Vatican-recognized exorcists offer quality control guide

A quality control guide has been issued by a group of exorcists to combat demonic possession.

The handbook insists authority to perform exorcisms belongs exclusively to priests assigned by their diocesan bishop.

According to the group, they issued the quality control guide because of a perception that there are too many unauthorised rogue operators, both clerical and lay, who claim to perform exorcisms.

The guidance was published in May in Italian and is edited by the International Association of Exorcists.

The exorcists association was founded in 1990 and included Father Gabriele Amorth, who served from 1986 until his death in 2016 as an exorcist for the Diocese of Rome.

The association was recognized by the Vatican’s Congregation for Clergy in 2014.

According to the International Association of Exorcists, while the guidelines are not an official Church document, the contents were reviewed by Vatican departments prior to publication.

They decided to make the guidelines public because of a desire to “bring order to the questions about diabolic action and liberation from it, in order to avoid falling into dangerous deceptions and illusions.”

To support its insistence that only specifically mandated priests may perform exorcisms, the text provides theological arguments about the source of an exorcist’s power.

It is the power of Christ channeled through the Church, and not “more potent exorcistic formula or the individual ‘powers’ of a priest” that determine the efficacy of the ritual, the International Association says.

In particular the quality control guide says:

  • Only priests possess a mandate from the Church to “command demons in the name of God to recede, no longer to harm human creatures for any reason.”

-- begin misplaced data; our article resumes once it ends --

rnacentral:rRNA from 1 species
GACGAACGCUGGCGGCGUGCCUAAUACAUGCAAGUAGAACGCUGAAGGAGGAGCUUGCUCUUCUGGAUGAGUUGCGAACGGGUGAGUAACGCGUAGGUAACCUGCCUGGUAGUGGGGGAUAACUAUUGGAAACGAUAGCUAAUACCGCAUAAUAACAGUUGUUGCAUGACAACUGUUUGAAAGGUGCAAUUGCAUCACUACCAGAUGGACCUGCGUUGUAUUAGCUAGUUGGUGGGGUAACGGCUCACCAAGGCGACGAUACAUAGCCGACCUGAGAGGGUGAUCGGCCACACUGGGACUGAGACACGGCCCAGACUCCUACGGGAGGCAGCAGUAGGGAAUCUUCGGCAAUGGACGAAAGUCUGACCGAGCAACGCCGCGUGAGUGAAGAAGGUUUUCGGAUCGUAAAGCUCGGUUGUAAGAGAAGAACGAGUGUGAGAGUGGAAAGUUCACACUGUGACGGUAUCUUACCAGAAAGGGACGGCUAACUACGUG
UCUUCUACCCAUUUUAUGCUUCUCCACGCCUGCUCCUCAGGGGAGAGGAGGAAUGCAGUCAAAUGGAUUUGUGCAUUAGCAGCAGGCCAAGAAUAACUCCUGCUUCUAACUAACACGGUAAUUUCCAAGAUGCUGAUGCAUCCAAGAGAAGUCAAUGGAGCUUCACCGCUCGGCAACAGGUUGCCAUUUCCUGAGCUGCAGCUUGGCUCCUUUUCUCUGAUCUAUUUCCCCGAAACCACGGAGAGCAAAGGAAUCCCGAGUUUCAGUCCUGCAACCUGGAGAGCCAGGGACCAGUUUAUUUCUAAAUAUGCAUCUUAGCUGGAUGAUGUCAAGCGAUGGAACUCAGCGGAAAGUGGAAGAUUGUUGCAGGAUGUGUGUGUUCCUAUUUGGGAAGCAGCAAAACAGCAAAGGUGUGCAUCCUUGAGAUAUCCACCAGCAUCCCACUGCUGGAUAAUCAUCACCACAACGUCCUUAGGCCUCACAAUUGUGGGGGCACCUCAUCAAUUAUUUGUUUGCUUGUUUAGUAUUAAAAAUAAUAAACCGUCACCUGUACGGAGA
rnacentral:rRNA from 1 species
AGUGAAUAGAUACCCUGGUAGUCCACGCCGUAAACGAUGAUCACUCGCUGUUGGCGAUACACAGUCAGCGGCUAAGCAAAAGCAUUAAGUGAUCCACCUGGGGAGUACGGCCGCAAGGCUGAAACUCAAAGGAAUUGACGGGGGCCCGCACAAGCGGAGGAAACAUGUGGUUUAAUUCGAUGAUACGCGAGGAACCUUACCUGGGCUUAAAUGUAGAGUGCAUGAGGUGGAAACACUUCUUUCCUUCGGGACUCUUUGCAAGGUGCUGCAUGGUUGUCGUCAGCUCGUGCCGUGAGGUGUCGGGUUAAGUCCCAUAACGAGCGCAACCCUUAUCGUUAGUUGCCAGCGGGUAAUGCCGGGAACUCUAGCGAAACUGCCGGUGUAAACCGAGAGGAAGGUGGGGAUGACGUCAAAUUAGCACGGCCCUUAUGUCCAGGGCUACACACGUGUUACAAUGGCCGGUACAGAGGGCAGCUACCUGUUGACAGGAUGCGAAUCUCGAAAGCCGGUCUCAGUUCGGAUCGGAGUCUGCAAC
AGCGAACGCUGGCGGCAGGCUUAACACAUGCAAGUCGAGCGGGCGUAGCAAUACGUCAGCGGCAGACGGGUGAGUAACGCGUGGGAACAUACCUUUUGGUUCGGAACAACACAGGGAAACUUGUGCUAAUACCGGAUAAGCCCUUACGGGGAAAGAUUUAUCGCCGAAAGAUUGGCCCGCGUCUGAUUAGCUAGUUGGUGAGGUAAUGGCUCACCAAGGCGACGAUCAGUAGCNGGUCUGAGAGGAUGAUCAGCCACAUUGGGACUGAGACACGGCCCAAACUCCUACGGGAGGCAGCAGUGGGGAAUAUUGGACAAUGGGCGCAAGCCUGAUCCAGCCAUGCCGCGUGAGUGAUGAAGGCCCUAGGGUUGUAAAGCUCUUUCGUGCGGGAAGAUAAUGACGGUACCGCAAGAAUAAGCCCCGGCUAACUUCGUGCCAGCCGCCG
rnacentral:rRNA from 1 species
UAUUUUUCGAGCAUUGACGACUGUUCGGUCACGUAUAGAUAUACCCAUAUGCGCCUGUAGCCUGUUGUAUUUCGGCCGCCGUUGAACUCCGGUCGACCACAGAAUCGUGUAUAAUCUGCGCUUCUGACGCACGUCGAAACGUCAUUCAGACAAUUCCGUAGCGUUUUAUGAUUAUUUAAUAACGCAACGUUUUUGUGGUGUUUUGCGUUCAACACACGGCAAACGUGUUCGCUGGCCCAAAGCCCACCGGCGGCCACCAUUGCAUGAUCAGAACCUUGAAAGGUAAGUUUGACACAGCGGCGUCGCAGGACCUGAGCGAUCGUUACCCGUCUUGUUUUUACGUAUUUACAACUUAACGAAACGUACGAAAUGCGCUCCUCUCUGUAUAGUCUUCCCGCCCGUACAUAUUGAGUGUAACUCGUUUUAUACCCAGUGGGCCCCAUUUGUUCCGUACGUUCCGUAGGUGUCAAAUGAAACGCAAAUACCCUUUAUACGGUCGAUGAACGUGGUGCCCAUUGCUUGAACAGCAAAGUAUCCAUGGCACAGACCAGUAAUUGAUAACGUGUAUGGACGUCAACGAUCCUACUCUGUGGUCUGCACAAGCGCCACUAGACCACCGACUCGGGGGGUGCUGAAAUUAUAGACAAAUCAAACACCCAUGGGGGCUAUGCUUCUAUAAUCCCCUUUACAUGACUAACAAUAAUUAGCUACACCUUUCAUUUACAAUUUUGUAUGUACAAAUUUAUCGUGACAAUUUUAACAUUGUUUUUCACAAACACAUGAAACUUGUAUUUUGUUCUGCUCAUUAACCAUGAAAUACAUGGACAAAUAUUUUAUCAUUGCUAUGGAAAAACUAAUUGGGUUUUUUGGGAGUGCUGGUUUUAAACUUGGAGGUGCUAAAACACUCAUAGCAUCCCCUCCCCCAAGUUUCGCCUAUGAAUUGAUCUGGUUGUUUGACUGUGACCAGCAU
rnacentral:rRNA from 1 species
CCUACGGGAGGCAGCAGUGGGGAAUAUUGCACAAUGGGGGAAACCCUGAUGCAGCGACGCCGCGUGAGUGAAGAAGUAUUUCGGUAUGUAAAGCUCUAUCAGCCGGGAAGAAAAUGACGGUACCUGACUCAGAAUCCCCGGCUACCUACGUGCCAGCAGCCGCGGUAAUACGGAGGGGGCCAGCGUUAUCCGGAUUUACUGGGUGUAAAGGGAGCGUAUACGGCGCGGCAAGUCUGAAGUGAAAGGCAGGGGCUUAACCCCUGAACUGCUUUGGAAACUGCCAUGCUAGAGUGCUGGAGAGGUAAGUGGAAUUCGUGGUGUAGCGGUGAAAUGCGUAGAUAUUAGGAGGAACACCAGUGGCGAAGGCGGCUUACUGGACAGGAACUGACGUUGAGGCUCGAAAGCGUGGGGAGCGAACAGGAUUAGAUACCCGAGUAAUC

• The ministry of exorcism isn’t just about the recitation of prayers, but “discernment and accompaniment of faithful tormented by the devil,” pastoral tasks which “occupy a very important and essential place.”
  • If a bishop names an exorcist, he also has a responsibility to make sure that priest has a “specific preparation that renders him more suited than anyone else to discernment of extraordinary diabolic action.”

Unauthorised people who attempt to perform exorcisms may open the door to further demonic influence over the people they’re trying to help, the guidelines warn. They also say a legitimate exorcist empowered by the Church must not request any payment for his services.

Most of the text focuses on guidelines for discerning general psychological or emotional difficulties from the specific influence of demonic powers.

“Often, facing the difficulties of life, some may conclude that ‘everything has gone wrong’ because ‘someone is doing something’,” the text warns. “This could be just an alibi that distracts [the person] from the most important teachings.”

The guide also cites particular behaviors which may become the occasion for demonic influence over people, including superstition and the practice of witchcraft.


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